In November 2011, Peña died of prostate cancer. The next day, it was announced that his daughter, Lizaida Peña, might replace him until the 2012 general elections. However, in 2011, Ricardo López Cepero was elected by delegates to succeed Peña. López Cepero was defeated by Iván Solís in the 2012 general election.
The United States Postal Service operates the Culebra Post Office.
The Culebra flag consists of five vertical stripes, three alternate yellow and two green ones. The yellow central stripe has the map of Culebra in green.
Coat of Arms
The field is tierced in three, in the Spanish manner, vert, argent, or. The cross and the episcopal crozier symbolize Bishop San Ildefonso, because originally the island was called San Ildefonso de la Culebra. The crowned serpent (culebra means serpent) ondoyant in pale is the emblem of its name. The mailed arm refers to the coat of the Escudero family, first settlers of the island. The laurel cross refers to the civic triumph reached when Culebra obtained the evacuation of the United States Navy. The crest is a coronet bearing two masts, their sails filled by the wind.
Due to its size and small population, there are only three schools on Culebra, one for each level. They are the San Ildefonso Elementary School, the Antonio R. Barceló High School, and the Luis Muñoz Rivera school. Education is administered by the Puerto Rico Department of Education.
There is a small hospital in the island called Hospital de Culebra. It also offers pharmacy services to residents and visitors. For emergencies, patients are transported by plane to Fajardo on the main island.
The island of Culebra can be reached through private boats, ferry, or airplane. Ferry service is available from Fajardo. Ferries make several trips a day to the main island for an approximate fare of $4.50 (round trip).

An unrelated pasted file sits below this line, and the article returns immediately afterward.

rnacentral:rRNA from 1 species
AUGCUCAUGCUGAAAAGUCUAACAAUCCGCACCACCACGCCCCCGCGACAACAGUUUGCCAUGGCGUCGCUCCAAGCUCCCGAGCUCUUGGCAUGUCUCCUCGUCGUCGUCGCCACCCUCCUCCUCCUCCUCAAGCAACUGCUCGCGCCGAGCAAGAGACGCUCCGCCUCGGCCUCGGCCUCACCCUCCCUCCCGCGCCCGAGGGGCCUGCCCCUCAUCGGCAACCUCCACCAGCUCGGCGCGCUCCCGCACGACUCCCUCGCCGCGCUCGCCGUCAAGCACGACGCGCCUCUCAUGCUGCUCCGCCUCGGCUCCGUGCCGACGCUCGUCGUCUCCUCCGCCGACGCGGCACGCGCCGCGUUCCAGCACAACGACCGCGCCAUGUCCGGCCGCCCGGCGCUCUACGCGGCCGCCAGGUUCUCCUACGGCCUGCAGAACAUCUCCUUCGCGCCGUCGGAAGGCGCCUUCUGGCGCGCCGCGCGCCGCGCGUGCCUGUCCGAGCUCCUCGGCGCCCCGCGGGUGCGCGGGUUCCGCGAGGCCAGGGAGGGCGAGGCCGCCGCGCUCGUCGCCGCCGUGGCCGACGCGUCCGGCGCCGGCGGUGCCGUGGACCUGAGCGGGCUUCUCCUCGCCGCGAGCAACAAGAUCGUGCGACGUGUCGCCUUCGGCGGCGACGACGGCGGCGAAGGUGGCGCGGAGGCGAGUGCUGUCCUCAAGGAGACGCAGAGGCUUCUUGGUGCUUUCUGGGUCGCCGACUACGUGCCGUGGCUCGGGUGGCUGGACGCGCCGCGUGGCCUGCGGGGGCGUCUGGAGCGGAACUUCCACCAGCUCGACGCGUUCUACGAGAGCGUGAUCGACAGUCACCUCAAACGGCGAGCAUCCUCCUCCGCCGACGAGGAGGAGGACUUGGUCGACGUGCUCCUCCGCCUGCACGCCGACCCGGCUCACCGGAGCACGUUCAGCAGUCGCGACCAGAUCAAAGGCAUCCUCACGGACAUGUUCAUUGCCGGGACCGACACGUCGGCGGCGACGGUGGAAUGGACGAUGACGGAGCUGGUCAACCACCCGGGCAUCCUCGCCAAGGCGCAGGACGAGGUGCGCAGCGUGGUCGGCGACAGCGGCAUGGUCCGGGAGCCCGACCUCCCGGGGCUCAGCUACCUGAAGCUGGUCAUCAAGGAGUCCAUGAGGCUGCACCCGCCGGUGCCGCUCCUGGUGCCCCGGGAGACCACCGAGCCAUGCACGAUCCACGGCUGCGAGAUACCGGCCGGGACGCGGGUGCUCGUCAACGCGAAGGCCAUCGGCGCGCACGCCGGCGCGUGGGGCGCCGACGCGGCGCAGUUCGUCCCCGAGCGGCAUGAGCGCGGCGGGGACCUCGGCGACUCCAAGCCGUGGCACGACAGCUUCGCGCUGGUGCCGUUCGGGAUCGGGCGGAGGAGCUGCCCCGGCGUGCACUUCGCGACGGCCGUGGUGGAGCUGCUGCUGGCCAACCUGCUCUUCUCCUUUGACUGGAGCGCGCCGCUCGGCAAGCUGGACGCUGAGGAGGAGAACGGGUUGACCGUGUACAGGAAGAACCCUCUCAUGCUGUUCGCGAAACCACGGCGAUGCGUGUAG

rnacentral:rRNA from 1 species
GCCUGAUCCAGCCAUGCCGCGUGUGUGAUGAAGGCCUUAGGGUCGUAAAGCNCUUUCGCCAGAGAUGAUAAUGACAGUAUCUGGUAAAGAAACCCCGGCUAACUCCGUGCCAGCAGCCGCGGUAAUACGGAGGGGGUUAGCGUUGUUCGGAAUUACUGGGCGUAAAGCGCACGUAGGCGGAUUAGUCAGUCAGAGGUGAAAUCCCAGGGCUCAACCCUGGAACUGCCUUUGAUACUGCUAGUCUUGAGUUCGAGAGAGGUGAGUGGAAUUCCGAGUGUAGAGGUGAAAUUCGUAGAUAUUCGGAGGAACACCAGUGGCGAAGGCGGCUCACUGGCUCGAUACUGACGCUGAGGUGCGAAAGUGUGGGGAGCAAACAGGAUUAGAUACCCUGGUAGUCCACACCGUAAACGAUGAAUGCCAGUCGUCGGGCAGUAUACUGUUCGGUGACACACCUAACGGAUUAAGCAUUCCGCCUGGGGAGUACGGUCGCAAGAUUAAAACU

- Air Culebra from San Juan's Luis Muñoz Marín and Isla Grande Airports.
- Air Flamenco provides service from Fernando Luis Ribas Dominicci Airport in Isla Grande, Luis Muñoz Marín International Airport in San Juan, and José Aponte de la Torre Airport in Ceiba.
- Vieques Air Link provides service to Culebra from San Juan and Fajardo.
- M&N Aviation from Fernando Luis Ribas Dominicci Airport in Isla Grande, and José Aponte de la Torre Airport in Ceiba.
Navy Culebra protests
The Navy–Culebra protests is the name given by American media to a series of protests starting in 1971 on the island of Culebra, Puerto Rico against the United States Navy use of the island. The protests led to the U.S. Navy abandoning of its facilities on Culebra.
The protests consisted of a series of protests starting in 1971 on the island of Culebra, Puerto Rico, against the United States Navy's use of the island. The historical backdrop was that in 1902, three years after the U.S. invasion of Puerto Rico, Culebra was integrated as a part of Vieques. But on June 26, 1903, US President Theodore Roosevelt established the Culebra Naval Reservation in Culebra, and in 1939, the U.S. Navy began to use the Culebra Archipelago as a gunnery and bombing practice site.